Episode I Collection 1
Item No.: Asst. 84085 No. 84244
Includes: Lightsaber, comm unit, CommTech chip
Action Feature: n/a
Availability: January 2000
Appearances: The Phantom Menace
Bio: As the invasion of Naboo rages outside, Jedi apprentice Obi-Wan Kenobi battles the evil Sith Lord, Darth Maul, in a fierce lightsaber duel. The outcome could change the galaxy forever! (Taken from the figure's cardback.)
Image: Adam Pawlus' desk.
Commentary: In 1999, Hasbro decided its Jedi figures should have elbow and wrist joints. By 2000, they were eliminated as seen on this Obi-Wan Kenobi figure which was a sort of a mixed bag as progress goes. Hasbro wisely included what it referred to as "soft goods"-- that is, cloth and fake hair-- to distinguish the figure from other, similar releases. In the photo, you can see a rooted hair Jedi braid as well as a cloth skirt piece which allows for enhanced movement. Sadly, the figure only has six total joints, making it about on par with your average figure from 1995-1998. The likeness is really no better or worse than other figures from the era, although there's obviously room for improvement. You might also notice Obi-Wan Kenobi has a slightly more muscular build than other releases, leading one to wonder if this figure was developed earlier and just released after Hasbro put its best foot forward.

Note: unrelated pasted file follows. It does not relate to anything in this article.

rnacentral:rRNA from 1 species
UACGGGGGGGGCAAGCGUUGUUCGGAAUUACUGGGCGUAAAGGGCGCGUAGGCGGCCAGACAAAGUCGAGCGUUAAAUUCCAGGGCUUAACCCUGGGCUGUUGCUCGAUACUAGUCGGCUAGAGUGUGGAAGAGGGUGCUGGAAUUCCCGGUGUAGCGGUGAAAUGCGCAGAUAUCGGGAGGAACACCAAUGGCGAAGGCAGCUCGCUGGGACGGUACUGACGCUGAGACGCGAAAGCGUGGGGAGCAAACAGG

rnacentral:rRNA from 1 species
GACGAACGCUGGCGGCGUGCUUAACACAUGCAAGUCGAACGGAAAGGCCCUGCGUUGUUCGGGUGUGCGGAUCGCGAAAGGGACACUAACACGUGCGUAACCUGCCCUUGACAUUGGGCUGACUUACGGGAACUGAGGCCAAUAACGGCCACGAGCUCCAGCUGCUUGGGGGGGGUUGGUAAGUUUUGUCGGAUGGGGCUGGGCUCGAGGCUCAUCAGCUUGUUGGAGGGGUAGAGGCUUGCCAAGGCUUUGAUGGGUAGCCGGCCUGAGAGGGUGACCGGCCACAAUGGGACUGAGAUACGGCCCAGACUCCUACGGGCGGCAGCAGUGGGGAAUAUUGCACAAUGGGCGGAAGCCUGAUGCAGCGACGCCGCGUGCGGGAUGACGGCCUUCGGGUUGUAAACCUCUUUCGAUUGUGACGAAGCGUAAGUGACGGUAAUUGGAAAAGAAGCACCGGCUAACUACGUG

Accessory fans will no doubt enjoy the fact that this figure has a communicator which can be held in his hand (see picture) or attached to a peg on his belt for storage. This kind of little bonus feature goes a long way into making a figure more fun, giving you another way to play with it beyond "stand," "sit," and "fight." Sadly, this sort of interactivity was dropped from the action figures except for the occasional lightsaber hilt which could be pegged to a belt, leaving weapons to be the only extras you generally got to have to hang off your figures. Ah well. Still, it's neat and totally worth getting for this unique gimmick. As one of the figures from that transitional period where Hasbro started adding more and more articulation and long skirt pieces which hindered movement, this one stands out as a rare foray into making the figure function better as a plaything at the expense of making it more collector-friendly, and personally I think it worked out nicely.
Collector's Notes: While somewhat difficult to get at first, the figure eventually trickled out enough to be considered mostly widely available. As far as sitting in a vehicle goes, you will never find a better Obi-Wan figure from the first prequel. Or at least, you won't as far as the space-time continuum works in the whole unknown future thing. A new version of Obi-Wan from the first prequel is scheduled for 2009, if the rumor and information mill is accurate.
Day 944: January 26, 2009